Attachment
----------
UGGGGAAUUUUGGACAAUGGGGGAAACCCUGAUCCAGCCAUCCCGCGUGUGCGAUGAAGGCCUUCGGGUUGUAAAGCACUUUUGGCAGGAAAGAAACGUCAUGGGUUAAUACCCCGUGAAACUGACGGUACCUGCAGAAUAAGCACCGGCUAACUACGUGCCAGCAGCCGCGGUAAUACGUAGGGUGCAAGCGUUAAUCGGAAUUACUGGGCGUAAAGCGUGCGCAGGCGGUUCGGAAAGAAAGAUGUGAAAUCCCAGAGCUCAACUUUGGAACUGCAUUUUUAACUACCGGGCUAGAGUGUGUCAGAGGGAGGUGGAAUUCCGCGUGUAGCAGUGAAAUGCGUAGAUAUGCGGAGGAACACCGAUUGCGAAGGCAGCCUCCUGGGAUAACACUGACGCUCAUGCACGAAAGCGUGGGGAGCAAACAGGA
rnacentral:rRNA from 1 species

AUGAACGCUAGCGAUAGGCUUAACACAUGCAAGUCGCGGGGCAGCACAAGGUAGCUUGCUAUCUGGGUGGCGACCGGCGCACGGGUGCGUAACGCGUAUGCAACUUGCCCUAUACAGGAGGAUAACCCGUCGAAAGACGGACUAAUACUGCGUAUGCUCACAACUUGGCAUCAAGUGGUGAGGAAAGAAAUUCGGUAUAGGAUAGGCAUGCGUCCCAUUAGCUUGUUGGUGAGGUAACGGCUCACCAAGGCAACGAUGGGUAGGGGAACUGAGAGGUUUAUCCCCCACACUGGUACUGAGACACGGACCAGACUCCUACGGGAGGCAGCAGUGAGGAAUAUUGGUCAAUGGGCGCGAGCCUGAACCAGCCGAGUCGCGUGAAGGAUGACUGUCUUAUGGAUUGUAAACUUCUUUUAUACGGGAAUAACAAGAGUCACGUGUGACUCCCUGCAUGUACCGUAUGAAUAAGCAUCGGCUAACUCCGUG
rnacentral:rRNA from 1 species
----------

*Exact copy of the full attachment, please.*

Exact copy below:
UGGGGAAUUUUGGACAAUGGGGGAAACCCUGAUCCAGCCAUCCCGCGUGUGCGAUGAAGGCCUUCGGGUUGUAAAGCACUUUUGGCAGGAAAGAAACGUCAUGGGUUAAUACCCCGUGAAACUGACGGUACCUGCAGAAUAAGCACCGGCUAACUACGUGCCAGCAGCCGCGGUAAUACGUAGGGUGCAAGCGUUAAUCGGAAUUACUGGGCGUAAAGCGUGCGCAGGCGGUUCGGAAAGAAAGAUGUGAAAUCCCAGAGCUCAACUUUGGAACUGCAUUUUUAACUACCGGGCUAGAGUGUGUCAGAGGGAGGUGGAAUUCCGCGUGUAGCAGUGAAAUGCGUAGAUAUGCGGAGGAACACCGAUUGCGAAGGCAGCCUCCUGGGAUAACACUGACGCUCAUGCACGAAAGCGUGGGGAGCAAACAGGA
rnacentral:rRNA from 1 species

AUGAACGCUAGCGAUAGGCUUAACACAUGCAAGUCGCGGGGCAGCACAAGGUAGCUUGCUAUCUGGGUGGCGACCGGCGCACGGGUGCGUAACGCGUAUGCAACUUGCCCUAUACAGGAGGAUAACCCGUCGAAAGACGGACUAAUACUGCGUAUGCUCACAACUUGGCAUCAAGUGGUGAGGAAAGAAAUUCGGUAUAGGAUAGGCAUGCGUCCCAUUAGCUUGUUGGUGAGGUAACGGCUCACCAAGGCAACGAUGGGUAGGGGAACUGAGAGGUUUAUCCCCCACACUGGUACUGAGACACGGACCAGACUCCUACGGGAGGCAGCAGUGAGGAAUAUUGGUCAAUGGGCGCGAGCCUGAACCAGCCGAGUCGCGUGAAGGAUGACUGUCUUAUGGAUUGUAAACUUCUUUUAUACGGGAAUAACAAGAGUCACGUGUGACUCCCUGCAUGUACCGUAUGAAUAAGCAUCGGCUAACUCCGUG
rnacentral:rRNA from 1 species